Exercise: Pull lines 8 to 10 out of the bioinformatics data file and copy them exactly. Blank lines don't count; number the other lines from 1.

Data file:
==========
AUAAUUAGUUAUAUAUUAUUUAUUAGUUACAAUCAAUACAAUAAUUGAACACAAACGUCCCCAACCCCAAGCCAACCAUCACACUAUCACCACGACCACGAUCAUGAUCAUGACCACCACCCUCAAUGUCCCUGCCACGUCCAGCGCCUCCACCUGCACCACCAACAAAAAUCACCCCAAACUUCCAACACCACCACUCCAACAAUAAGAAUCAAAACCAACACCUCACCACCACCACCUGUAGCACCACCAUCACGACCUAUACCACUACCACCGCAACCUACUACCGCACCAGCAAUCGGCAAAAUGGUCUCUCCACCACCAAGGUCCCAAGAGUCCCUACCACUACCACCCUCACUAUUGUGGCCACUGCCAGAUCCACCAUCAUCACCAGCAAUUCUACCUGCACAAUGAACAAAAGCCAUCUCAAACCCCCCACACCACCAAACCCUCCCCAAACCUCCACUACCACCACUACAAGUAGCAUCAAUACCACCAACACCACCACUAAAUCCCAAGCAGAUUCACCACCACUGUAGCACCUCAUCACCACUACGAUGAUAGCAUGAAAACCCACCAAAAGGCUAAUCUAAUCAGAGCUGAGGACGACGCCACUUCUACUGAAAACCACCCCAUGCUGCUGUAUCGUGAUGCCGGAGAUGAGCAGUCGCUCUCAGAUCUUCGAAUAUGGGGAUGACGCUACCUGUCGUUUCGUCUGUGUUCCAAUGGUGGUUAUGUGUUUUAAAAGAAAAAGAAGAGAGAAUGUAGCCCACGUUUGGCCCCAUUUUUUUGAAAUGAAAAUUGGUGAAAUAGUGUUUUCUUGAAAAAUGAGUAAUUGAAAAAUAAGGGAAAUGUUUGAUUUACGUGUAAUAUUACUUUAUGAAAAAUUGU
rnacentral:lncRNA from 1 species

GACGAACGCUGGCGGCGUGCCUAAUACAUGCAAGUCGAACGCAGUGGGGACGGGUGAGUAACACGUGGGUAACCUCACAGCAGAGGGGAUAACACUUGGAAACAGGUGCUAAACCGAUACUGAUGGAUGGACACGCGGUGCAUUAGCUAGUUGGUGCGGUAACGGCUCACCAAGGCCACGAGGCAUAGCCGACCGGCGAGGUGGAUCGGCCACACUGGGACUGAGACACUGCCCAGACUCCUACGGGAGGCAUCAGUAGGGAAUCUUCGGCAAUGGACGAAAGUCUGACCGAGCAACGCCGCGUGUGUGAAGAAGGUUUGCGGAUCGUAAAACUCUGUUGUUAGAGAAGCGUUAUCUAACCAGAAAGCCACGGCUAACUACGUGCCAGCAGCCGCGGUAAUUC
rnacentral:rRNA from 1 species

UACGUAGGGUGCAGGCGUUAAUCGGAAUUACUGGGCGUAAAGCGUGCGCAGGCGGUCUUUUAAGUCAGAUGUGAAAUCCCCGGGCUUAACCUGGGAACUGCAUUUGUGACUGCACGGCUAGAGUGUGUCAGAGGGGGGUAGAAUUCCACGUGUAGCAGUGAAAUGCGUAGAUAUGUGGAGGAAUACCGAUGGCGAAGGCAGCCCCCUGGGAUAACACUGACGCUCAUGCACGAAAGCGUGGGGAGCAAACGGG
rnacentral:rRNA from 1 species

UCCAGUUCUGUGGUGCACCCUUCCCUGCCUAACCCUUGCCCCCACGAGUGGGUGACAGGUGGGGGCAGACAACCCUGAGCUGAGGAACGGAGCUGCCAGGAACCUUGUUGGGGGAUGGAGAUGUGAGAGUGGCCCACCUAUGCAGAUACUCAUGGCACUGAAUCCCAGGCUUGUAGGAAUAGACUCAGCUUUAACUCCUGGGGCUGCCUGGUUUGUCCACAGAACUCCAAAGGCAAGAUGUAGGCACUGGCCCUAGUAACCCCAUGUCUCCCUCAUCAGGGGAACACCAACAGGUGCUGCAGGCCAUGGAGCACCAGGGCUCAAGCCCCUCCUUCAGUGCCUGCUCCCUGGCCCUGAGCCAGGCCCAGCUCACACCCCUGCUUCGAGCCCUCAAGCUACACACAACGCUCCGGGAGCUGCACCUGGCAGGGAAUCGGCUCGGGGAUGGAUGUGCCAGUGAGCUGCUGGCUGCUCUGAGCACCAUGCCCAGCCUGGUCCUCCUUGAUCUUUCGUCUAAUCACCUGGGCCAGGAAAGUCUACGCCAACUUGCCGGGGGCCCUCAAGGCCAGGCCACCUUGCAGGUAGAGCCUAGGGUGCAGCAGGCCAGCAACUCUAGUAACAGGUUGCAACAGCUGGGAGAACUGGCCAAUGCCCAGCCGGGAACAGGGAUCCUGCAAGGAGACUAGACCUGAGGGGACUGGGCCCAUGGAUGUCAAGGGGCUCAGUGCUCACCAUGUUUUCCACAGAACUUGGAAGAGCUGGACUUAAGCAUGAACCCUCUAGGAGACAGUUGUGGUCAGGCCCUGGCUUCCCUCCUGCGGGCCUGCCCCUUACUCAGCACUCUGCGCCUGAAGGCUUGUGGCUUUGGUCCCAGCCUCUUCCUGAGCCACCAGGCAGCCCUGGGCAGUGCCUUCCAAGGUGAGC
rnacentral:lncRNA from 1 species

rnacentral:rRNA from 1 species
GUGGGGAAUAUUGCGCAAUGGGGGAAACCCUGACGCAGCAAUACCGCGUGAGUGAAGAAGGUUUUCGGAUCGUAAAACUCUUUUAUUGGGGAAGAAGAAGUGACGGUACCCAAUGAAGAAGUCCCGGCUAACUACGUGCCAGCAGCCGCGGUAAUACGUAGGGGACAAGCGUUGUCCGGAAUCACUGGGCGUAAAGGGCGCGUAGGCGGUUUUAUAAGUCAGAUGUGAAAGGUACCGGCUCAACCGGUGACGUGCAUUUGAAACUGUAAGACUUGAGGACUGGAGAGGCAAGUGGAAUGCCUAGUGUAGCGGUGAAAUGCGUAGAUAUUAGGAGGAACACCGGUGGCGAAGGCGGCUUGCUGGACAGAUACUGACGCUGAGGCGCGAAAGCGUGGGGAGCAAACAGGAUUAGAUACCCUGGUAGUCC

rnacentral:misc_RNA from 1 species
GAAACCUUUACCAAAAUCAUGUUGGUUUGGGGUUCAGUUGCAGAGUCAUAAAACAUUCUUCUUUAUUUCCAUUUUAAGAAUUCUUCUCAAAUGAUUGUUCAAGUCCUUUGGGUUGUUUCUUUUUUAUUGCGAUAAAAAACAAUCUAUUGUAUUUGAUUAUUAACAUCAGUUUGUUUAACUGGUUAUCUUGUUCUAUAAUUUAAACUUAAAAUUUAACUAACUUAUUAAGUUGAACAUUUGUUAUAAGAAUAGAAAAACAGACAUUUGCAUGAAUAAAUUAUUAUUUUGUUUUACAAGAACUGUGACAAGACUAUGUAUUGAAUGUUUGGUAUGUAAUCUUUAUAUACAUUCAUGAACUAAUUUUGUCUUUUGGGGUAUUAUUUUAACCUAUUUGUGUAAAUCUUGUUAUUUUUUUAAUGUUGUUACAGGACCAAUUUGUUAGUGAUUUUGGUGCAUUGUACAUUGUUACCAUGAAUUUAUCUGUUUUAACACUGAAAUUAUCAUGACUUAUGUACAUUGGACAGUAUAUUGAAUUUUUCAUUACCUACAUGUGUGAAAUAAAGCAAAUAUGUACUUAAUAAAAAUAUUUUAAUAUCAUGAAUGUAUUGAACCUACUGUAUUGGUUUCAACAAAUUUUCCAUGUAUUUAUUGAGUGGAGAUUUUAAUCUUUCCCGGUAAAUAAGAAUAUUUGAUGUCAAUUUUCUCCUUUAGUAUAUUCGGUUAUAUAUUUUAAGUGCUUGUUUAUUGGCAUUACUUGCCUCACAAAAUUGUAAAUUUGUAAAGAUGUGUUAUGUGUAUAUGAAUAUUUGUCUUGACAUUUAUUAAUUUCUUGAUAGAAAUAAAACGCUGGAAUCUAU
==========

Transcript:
rnacentral:lncRNA from 1 species

rnacentral:rRNA from 1 species
GUGGGGAAUAUUGCGCAAUGGGGGAAACCCUGACGCAGCAAUACCGCGUGAGUGAAGAAGGUUUUCGGAUCGUAAAACUCUUUUAUUGGGGAAGAAGAAGUGACGGUACCCAAUGAAGAAGUCCCGGCUAACUACGUGCCAGCAGCCGCGGUAAUACGUAGGGGACAAGCGUUGUCCGGAAUCACUGGGCGUAAAGGGCGCGUAGGCGGUUUUAUAAGUCAGAUGUGAAAGGUACCGGCUCAACCGGUGACGUGCAUUUGAAACUGUAAGACUUGAGGACUGGAGAGGCAAGUGGAAUGCCUAGUGUAGCGGUGAAAUGCGUAGAUAUUAGGAGGAACACCGGUGGCGAAGGCGGCUUGCUGGACAGAUACUGACGCUGAGGCGCGAAAGCGUGGGGAGCAAACAGGAUUAGAUACCCUGGUAGUCC